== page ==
Also, I am not disputing GL on property prices falling in Chile - afterall, he lived through that incident, and I did not. But it seems a bit unbelievable that Chile could experience some months of 20-30 PER MONTH inflation, and that Home prices would DROP in escudo terms. Part of this result may be explained by the fact that rising inflation pushes interest rates up, and property is generally pushed DOWN by rising rates, but it seems like sustained hyperinflation would eventually trigger some buying of property as a real asset that will still be around when the hyperinflation is over. Those with cash that is rapidly losing value may see "cheap" property as an alternative to perishable wasting assets like food. (The story about someone offering to swap a property for a dodgy car is amazing. And I wish now I had asked, WHY would someone make that swap?)
The market is "bipolar", swinging back and forth from a focus on Inflation to Deflation. Bet on swings; and stay flexible. What are bipolar markets? See: http://tinyurl.com/GEI-Manix

#13 DrBubb

DrBubb

    Tri-Millennium Guru

  • Super Admins
  • PipPipPipPipPip
  • 67,101 posts
  • Gender:Male
  • Location:Hong Kong & London
  • Interests:Trading and investing in stocks and commodities. Writing articles on related subjects, while building this website. I am interested in creating ways for communities

Posted 11 September 2010 - 02:40 PM

Steve Netwriter has got a good thread on Hyperinflation on his website:
http://www.neuralnet...2.com/node/3427

Here's an excerpt, which I hope he will not mind that I have posted here:

Mish: We've still got a net contraction....for 5 quarters running, even counting government spending, we've had a net contraction in credit. That's deflation.

So, I guess he's talking money supply. That's deflation.

Mish: If $2 trillion didn't do it, why would $500 billion or whatever?

Mish: What is quantitative easing going to do in the face of $54 trillion worth of debt out there?

Mish: The Fed prints another trillion, it's just sitting as excess reserves.

I love the idea of "excess reserves"

Mish: Consumers are deleveraging, students with debt coming out of college with no way to pay it back, no jobs...

Mish: If all this debt could be paid back, for the next decade, we're facing structurally high unemployment....it's impossible to get inflation out of this mix.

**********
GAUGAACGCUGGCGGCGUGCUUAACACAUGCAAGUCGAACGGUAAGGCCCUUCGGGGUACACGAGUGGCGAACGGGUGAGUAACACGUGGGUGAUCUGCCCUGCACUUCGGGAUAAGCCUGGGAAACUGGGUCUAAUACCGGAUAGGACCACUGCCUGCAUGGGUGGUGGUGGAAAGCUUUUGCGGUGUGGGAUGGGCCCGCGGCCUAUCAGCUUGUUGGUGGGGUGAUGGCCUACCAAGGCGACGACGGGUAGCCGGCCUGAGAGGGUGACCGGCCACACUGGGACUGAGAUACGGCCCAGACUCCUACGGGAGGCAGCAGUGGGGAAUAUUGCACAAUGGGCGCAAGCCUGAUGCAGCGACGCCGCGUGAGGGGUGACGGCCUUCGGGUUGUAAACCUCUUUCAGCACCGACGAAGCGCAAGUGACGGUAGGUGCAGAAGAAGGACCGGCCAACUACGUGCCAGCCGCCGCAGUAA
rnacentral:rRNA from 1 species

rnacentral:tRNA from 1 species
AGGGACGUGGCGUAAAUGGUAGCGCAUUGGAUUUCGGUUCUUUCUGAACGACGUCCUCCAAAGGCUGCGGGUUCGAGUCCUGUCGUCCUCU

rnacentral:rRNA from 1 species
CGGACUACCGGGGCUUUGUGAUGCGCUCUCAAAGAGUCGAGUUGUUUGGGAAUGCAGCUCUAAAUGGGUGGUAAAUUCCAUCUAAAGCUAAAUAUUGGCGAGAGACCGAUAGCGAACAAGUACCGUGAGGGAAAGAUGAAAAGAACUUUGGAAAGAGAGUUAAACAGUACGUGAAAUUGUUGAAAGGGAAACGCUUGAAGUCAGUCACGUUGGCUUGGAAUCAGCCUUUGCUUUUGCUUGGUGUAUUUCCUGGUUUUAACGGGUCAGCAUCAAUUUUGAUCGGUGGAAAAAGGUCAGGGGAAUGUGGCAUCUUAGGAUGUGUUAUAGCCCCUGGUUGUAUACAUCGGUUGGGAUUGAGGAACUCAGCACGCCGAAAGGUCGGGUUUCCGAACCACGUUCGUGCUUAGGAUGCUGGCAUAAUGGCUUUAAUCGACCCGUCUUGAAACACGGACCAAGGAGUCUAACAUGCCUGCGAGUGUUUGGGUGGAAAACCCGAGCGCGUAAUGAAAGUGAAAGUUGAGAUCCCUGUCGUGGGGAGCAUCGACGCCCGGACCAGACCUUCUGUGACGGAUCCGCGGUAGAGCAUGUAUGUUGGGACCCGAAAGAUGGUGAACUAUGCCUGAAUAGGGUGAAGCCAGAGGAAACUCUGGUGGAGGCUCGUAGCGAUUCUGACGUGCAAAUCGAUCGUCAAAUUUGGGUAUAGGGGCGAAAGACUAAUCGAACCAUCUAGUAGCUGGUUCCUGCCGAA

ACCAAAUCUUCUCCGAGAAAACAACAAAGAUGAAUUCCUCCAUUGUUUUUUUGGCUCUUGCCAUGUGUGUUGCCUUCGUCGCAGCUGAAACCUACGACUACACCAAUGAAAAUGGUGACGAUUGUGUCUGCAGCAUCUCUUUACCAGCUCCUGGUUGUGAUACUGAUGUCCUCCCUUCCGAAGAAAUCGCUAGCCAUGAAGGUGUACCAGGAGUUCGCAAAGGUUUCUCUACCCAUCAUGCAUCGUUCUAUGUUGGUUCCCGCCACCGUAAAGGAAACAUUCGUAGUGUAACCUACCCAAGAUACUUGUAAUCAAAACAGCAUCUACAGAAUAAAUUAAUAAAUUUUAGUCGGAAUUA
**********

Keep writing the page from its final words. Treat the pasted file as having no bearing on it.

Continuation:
He could well be right. A shrinking economy, with reducing debt.

But, this is the critical statement:

Mish: The hyperinflation case, if one wants to make one, and I'll make one right now, is congress sends everyone $60,000, that would probably do it, but is congress likely to do that?


Mish: All this talk about the Fed being able to drop money out of helicopters, that's not the way it works.

Mish: It's all backed by debt....

Mish: And not a bit of this could be construed as inflationary in any way I can think of.

The market is "bipolar", swinging back and forth from a focus on Inflation to Deflation. Bet on swings; and stay flexible. What are bipolar markets? See: http://tinyurl.com/GEI-Manix

#14 romans holiday

romans holiday

    Tri-Millennium Guru

  • Members
  • PipPipPipPipPip
  • 8,675 posts
  • Gender:Male
  • Location:The Southern Alps

Posted 11 September 2010 - 02:48 PM

QUOTE (DrBubb @ Sep 11 2010, 11:40 PM) <{POST_SNAPBACK}>
But, this is the critical statement:

Mish: The hyperinflation case, if one wants to make one, and I'll make one right now, is congress sends everyone $60,000, that would probably do it, but is congress likely to do that?

So is that it? Is that what the hyper-inflation case rests on? Are people so gullible to take this threat at face value, and see it as credible and not incredible? I've been calling this the Bernanke bluff for years. It's a bluff because they can not actually do it... there are legal and political constraints on what the Fed can do. Where does this idea of omnipotence come from. blink.gif

Some might say it's all a schoolboy fantasy, but I couldn't possibly comment on that. laugh.gif
Modern money "shorts" the currency, and is backed by debt. The debt is real. A debt deflation will lead to a prolonged period of deleveraging, where the short-covering of currencies will strengthen currencies relative to asset prices. At the global level, in the FX market, central currencies will benefit from deleveraging at the expense of peripheral currencies. Due to instability and uncertainty, gold will benefit against all currencies as it continues to be re-monetized.

Hold on to your hats for hyper-deflation, where cash is king, and gold the King of cash.
[Silver? A Volatile Queen].

#15 DrBubb

DrBubb

    Tri-Millennium Guru

  • Super Admins
  • PipPipPipPipPip
  • 67,101 posts
  • Gender:Male
  • Location:Hong Kong & London
  • Interests:Trading and investing in stocks and commodities. Writing articles on related subjects, while building this website. I am interested in creating ways for communities